You can’t have just one
Article: Destiny Kaus – A&C Writer
Tattoos are cool. Really cool. And, in this day and age, they’re taking the world by storm. But, it never used to be this way. Shayla Riche, a Kinesiology student at the University of Regina, got her first tattoo in grade eleven, back when tattoos weren’t so cool.
“Everyone was like, ‘Wow you’re so young! What the hell are you doing?’”
Poor girl. Thankfully, today’s society has become more accepting toward tattoos, which I love, because I believe tattoos are a phenomenal form of art. Not everyone can draw, run a tattoo machine, and tattoo for hours on end. Tattoo artists have serious talent.
Riche says it best: “I guess your body could be considered a canvas.”
Gorgeous statement and so true. Riche herself let an artist paint her canvas on two occasions. She has her dad’s favourite car tattooed on her back and the quote “Dream without fear” on her foot. Overall, Riche loves her tats and has never really thought about what they may look like when she’s old and grey.
“I’ve never really thought about it. I don’t think I’m going to be sitting around naked all the time when I’m old.”
This valid point never ceases to amuse me.
Interestingly enough, Riche and Morgan Kotylak, a nursing student at the University of Regina, have not been bitten by the tattoo addiction bug . . . yet. Neither Riche nor Kotylak plan on getting anymore tattoos anytime soon.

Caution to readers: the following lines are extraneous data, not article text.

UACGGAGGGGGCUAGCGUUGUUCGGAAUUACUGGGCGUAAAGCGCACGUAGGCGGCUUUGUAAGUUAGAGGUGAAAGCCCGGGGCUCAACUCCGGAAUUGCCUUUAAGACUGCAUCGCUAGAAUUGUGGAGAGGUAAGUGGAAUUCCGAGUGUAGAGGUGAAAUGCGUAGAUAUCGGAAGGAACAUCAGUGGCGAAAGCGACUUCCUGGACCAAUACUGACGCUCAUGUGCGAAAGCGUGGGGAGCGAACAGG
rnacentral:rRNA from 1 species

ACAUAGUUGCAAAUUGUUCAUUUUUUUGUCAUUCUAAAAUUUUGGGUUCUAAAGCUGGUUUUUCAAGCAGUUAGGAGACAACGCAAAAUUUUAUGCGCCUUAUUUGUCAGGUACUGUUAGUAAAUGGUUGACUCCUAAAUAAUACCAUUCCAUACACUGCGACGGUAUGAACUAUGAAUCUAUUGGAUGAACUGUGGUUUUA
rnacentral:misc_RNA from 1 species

Kotylak has one tatty that comes together as a culmination to express who she is as a born-and-raised, horse-riding, Saskatchewan cowgirl. She states that tattoos “show who you are, and they always have a reason.”
On this point, I beg to differ. Yes, tattoos can have great significance behind them, but some people just want tattoos because they like how they look. I recently watched an episode of Tattoo Nightmares where a young lady was a tattoo model. All she wanted to do was get sweet tattoos and show them off to the world; a walking canvas. How cool is that?
But, like the individuals who appear on Tattoo Nightmares, some people end up deeply regretting their tats.
Kotylak says, “If you want to have a tattoo then get one. No harm done. If you regret it, it’s your own fault.”
Boom. Blunt, but well said. Yes, sometimes sketchy tattoo shops screw people over (I have seen this over and over on Tattoo Nightmares and America’s Worst Tattoos. It happens). But, a lot of individuals regret their tattoos because of their own stupidity. For example, who in their right mind would willingly choose to get tattooed in someone’s moldy basement, while a cloud of cannabis smoke looms over the entire room, and the “artist” uses his or her own homemade tattoo machine? This is asking for trouble. One cannot expect to get a beautiful, technically correct tattoo in a situation like this one.
Thank goodness legit tattoo shops and tattoo artists exist. Rik, a tatty artist from Regina’s own D’Nile Tattoos, takes pride in his work and in the evolution of tattoo culture.
“They used to do it with sticks,” Rick states, “and now it’s come a long way … it has evolved lots because of the television shows making it rise in popularity.”
Does he believe people can get addicted to tattoos? He sure does.
“I believe it’s something people need to go back and do again and again, yes.”
I concur. I have seen it firsthand. After getting one tattoo, plenty of my friends have gone and gotten more . . . many more.
Rik, himself, is a living example of this. He currently has around 70 to 80 tattoos and is working towards making them all into one.
Some people may think this is crazy. I think it’s awesome. Truth is, tattoos are art. And, considering that today’s society more readily accepts this form of artistic expression, tattoos will only continue to rise in popularity.